[1]A Divided Family in 1798: The Grays of Whitefort and Jamestown” by Sir David Goodall. Journal of The Wexford Historical Society 94-95
[2] "The  Emmet Rising in Kildare" by Seamus Cullen
[3] Memoir of the Case of St. John Mason, Esq. Barrister-at -Law by Saint John Mason,  page 13
[4] The Public Papers of Daniel D Tompkins,  Governor of New York, 1807-1817, Volume 2
[5] Transatlantic Radicals and the Early American Republic" by Michael Durey
[6] Wikipedia
[7] Letter from Nicholas Gray to Mr. Patten Trinity College Library Dublin Ref Ms [276] researched by Paula Hayes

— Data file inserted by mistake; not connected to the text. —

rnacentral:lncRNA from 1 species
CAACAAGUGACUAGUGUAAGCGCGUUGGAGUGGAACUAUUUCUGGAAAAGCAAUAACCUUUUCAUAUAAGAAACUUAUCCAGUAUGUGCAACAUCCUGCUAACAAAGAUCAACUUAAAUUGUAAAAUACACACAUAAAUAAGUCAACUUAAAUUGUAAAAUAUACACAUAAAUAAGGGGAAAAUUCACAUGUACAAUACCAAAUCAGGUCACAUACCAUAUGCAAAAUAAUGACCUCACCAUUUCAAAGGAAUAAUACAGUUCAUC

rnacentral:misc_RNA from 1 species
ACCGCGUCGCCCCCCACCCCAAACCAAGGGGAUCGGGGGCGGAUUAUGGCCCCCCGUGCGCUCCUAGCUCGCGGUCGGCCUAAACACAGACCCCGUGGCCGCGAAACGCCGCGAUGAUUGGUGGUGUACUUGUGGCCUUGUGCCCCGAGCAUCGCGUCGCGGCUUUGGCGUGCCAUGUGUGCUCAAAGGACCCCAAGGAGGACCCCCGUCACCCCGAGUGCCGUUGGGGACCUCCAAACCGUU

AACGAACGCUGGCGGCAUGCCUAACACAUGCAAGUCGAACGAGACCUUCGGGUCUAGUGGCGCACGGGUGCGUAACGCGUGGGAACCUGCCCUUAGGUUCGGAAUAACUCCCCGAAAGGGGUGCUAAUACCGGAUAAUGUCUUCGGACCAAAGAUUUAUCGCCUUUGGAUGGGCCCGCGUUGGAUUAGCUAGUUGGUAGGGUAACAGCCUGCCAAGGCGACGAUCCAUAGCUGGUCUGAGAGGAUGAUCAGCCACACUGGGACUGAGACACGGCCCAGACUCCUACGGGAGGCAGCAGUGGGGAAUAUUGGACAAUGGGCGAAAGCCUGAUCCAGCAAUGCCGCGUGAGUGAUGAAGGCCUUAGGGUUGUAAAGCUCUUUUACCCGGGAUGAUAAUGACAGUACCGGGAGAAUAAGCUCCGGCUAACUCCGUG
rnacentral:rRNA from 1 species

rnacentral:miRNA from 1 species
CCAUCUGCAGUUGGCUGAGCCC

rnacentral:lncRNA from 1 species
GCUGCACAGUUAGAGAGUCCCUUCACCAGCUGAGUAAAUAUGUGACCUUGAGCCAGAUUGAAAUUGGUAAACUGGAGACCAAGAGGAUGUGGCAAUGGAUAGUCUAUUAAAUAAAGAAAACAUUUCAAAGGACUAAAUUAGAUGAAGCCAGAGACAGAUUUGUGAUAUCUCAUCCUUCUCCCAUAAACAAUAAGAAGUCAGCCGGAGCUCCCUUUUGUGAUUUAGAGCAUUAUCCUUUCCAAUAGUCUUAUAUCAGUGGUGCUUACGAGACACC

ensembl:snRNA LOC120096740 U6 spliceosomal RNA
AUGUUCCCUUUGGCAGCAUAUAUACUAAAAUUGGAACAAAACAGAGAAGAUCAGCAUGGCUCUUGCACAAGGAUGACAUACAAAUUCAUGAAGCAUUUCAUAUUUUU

[8] Wikipedia
[9] National Archives
[10] Territorial Papers of the United States by Carter  Volume VI Mississippi
[11] Wikipedia
[12] Fold3: Letters Received by The Office of The Adjutant General. 1805 - 1821
[13] Fold3: Letters Received by The Office of The Adjutant General. 1805 - 1821
[14] U.S. Army Corps Engineers Mobile District
[15] Fold3: Letters Received by The Office of The Adjutant General. 1805 - 1821
[16] Fold3: Letters Received by The Office of The Adjutant General. 1805 - 1821
[17] Fold3: Letters Received by The Office of The Adjutant General. 1805 - 1821

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Tags: Genealogy, History of Ireland, Military History, United States